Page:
San Francisco Arcade Musuem. Execution was fun!

So Thursday saw Alex and me at Fisherman’s Warf. This time around we visited the back streets and stumbled upon an arcade museum. I laughed, figuring we would see old Pacman games (we did, he played) and some 1950-60 pinball machines. Imagine our surprise when we were met with machines from the late 1800’s and early 1900. There were fortune tellers, creepy laughing clown babies, dancing marionette people and weirdest of all, execution games.  I took some pictures of the strangest games; an opium den and two executions. 
I am not sure what the attraction of these games were. One of the games shows a man being hanged; I thought watching public executions were popular before the enlightenment. Apparently I was wrong.  
I tried to find the history of these games to no avail. All I learned is that these are from England and date to the late 1800’s. They were called penny arcades and over time evolved into boardwalk fun and finally the games we now have in our homes thanks to Atari and Nintendo.  I found some other strange games while surfing the net. Here is a link to a haunted house and Irish wedding. http://bit.ly/a4QpLm.  Oh and a creepy kid in a sailor suit. I am not sure this was designed as a game; rather it may have been used as a threat to unruly children. “Be good kids or I will put a penny in this game and make you watch the laughing crazy child”. I know the threat would work on me! Enjoy the pictures. Ignore the dates on the pictures.  My camera tends to make its own dates. I am working on a fix.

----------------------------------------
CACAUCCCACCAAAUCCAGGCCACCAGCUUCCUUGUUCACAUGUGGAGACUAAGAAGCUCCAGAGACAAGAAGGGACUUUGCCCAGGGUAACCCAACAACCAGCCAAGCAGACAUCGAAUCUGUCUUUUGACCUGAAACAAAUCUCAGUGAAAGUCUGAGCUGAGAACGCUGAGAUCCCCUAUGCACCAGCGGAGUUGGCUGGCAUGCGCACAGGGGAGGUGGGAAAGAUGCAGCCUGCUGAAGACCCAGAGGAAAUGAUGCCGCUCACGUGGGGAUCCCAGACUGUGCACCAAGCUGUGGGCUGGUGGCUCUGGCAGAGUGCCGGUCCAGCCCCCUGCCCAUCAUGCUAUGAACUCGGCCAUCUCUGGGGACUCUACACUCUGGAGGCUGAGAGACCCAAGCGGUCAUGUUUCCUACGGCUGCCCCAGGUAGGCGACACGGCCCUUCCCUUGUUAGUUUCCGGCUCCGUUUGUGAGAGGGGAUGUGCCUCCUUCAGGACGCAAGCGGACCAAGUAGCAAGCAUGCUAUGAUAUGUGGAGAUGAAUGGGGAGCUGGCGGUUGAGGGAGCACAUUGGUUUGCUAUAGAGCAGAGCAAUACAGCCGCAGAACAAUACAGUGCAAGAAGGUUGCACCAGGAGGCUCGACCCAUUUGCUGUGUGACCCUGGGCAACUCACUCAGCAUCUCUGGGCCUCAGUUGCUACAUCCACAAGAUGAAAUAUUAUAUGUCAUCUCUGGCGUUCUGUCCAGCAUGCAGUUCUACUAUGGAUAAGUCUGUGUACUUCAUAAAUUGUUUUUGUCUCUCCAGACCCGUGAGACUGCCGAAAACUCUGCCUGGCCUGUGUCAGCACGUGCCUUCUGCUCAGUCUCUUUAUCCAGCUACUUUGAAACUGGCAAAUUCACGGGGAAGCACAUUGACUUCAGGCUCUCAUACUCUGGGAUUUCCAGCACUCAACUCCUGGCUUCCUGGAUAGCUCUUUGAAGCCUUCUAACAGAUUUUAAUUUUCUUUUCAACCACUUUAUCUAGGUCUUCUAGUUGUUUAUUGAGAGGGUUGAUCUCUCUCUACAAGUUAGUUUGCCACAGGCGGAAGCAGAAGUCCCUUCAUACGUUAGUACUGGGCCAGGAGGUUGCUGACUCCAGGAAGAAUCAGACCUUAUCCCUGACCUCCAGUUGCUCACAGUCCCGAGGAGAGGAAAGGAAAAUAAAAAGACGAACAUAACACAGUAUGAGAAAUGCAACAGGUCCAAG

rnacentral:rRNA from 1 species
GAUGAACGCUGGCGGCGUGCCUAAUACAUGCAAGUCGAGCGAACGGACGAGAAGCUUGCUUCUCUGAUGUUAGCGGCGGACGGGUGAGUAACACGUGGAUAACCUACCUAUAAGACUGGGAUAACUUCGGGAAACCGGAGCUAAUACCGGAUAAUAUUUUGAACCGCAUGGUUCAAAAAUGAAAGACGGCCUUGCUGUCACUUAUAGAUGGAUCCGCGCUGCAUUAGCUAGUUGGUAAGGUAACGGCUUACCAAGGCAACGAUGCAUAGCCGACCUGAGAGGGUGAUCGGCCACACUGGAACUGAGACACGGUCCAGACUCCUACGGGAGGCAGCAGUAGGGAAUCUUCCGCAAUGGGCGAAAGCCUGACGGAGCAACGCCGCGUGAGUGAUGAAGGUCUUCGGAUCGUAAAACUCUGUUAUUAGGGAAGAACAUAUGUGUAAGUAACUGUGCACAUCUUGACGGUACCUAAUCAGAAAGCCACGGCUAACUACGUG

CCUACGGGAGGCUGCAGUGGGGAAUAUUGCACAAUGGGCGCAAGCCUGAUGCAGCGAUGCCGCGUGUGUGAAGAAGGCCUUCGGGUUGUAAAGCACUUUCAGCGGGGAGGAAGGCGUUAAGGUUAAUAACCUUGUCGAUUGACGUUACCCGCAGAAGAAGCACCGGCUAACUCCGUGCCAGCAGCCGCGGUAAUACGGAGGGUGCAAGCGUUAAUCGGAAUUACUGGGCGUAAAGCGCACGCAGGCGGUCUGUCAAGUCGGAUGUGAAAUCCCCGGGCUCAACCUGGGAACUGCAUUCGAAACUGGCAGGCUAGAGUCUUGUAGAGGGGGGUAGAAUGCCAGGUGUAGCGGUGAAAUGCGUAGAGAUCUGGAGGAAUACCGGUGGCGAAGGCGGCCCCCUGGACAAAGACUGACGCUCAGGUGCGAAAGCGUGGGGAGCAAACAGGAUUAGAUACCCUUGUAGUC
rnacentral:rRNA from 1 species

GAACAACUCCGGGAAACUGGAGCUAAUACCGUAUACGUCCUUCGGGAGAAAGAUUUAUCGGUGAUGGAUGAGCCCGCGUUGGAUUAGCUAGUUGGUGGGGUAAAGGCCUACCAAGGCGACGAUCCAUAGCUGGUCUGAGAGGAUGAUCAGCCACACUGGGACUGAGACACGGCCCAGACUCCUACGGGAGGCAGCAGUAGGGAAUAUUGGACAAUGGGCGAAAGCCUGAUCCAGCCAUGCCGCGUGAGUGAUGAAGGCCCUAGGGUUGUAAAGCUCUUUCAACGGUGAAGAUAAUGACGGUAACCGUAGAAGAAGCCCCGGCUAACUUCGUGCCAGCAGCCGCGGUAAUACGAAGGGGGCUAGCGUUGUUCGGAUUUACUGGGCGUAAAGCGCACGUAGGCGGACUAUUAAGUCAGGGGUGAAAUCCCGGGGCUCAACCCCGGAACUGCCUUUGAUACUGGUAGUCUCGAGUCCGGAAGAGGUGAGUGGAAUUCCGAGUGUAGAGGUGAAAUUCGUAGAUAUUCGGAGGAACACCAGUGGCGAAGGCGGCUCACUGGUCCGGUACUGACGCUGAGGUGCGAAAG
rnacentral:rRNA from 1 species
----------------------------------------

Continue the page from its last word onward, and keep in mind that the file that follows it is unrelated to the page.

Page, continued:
Next blog: The Wax Museum of Fisherman’s Warf wants us to believe Jesus was white.

Author: sarij

I'm a writer, lifelong bibliophile ,and researcher. I hold a Bachelors in Humanities & History and a Master's in Humanities. When I'm not reading or talking about Shakespeare or history, you can usually find me in the garden discussing science or politics with my cat.

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